I also started to notice that I was beginning to behave the same way: always trying to “educate” everyone and thinking I knew the answers to everything. In the end I left almost all the groups except where I felt the advice was more reasonable. I never looked back.

My needs

I worked so hard at meeting my children’s needs that I ignored my own. It happened so fast that I didn’t even notice! Only recently have I come to realize that detachment can be healthy sometimes because it teaches children to respect our boundaries and to be more independent. Taking time alone improved our relationship because I felt much calmer when I could take a break from being a mother.

The philosophy itself

Attachment parenting appears warm, cozy and fuzzy but in many ways, it is pretty tricky–if not dangerous! First of all, some Attachment Parenting doctors (like Jay Gordon, for example) are proponents of skipping or delaying vaccinations without any scientific basis for doing so. It has nothing to do with attachment theory it is purportedly based on, and the whole philosophy doesn’t appear very women-friendly to me. The truth is that AP is based on the idealized but false view of parenting in the “olden days.”


I’m not judging parents who follow this philosophy. In fact, many of my friends proudly call themselves attachment parents and it works for them.

It just isn’t for me.

These days, I prefer to choose whatever method fits my family situation. The truth is that I became an attachment parent out of fear of not being good enough. And that is never a good reason to follow any parenting philosophy.


Olga is a Polish woman, living in the Netherlands with her German husband and three children. On her blog, she writes about the challenges and wonders of the expat life, but on BLUNTmoms, you will read her musings on parenting, people and life in general.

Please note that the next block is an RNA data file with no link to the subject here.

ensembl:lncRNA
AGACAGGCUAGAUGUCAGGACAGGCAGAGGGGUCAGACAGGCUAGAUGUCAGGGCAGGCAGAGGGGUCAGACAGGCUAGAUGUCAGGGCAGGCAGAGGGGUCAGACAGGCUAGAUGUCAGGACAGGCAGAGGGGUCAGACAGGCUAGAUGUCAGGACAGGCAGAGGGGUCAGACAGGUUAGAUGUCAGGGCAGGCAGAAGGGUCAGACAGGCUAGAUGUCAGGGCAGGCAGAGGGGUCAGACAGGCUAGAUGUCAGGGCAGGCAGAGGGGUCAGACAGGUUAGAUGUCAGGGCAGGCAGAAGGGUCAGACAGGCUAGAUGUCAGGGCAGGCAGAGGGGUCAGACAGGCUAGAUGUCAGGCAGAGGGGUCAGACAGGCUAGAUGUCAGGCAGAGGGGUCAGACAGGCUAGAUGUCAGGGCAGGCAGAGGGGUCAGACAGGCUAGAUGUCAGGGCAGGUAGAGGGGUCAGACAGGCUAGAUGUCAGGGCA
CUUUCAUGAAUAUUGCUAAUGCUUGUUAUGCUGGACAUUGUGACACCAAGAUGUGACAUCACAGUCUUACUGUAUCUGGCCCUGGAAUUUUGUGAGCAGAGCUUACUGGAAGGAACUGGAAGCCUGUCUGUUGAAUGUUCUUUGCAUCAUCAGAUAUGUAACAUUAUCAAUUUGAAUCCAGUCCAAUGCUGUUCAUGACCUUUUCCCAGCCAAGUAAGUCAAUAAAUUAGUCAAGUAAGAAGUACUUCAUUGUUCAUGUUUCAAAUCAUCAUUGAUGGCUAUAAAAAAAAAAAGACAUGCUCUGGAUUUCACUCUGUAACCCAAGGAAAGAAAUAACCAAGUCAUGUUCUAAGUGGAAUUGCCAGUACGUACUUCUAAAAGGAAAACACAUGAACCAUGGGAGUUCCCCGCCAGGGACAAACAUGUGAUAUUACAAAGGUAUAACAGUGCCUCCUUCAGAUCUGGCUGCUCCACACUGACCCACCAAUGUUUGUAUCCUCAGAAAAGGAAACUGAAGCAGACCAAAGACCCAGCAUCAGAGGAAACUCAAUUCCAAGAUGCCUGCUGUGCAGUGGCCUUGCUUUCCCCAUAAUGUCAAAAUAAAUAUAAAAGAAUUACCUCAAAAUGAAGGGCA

1. “These days, I prefer to choose whatever method fits my family situation. The truth is that I became an attachment parent out of fear of not being good enough. And that is never a good reason to follow any parenting philosophy.”—-SO true, Olga. You have to find what fits best for you and your family. I spent one night in the same bed as my daughter when she was a newborn and I quickly realized that wasn’t going to work out for her, my husband, OR me. No one was sleeping–it was a mess. She hating being wrapped up in the baby bjorn but loved laying on top of me. Babies are weird. You have to do what works best for ALL of you. I would also imagine that each child is different too. I have only one so I don’t know what would happen if I had another. Maybe that one would be like a baby kangaroo. Who knows. Good piece, Olga!!!

    • Thank you, Ashley! I’m glad this post resonated with you. We didn’t co-sleep for that very reason. I have three very different kids, so yes every child is different.

  2. This was an awesome post Olga. Very brave. I applaud you for doing what works FOR YOU, because that will be better for your family in the end. I did not choose AP, for many of the reasons that you state. It might work for some people, but I am afraid that I see the negative results way more often than the positive. But I don’t go around telling AP parents what they should or should not be doing (unless they are complaining to me that they can’t get their 5 year old to sleep in their own bed. Then they are asking for it…) Sadly, there are judgmental people *everywhere* and it certainly does seem to be heightened when people believe that they are doing things “for the good of the child.”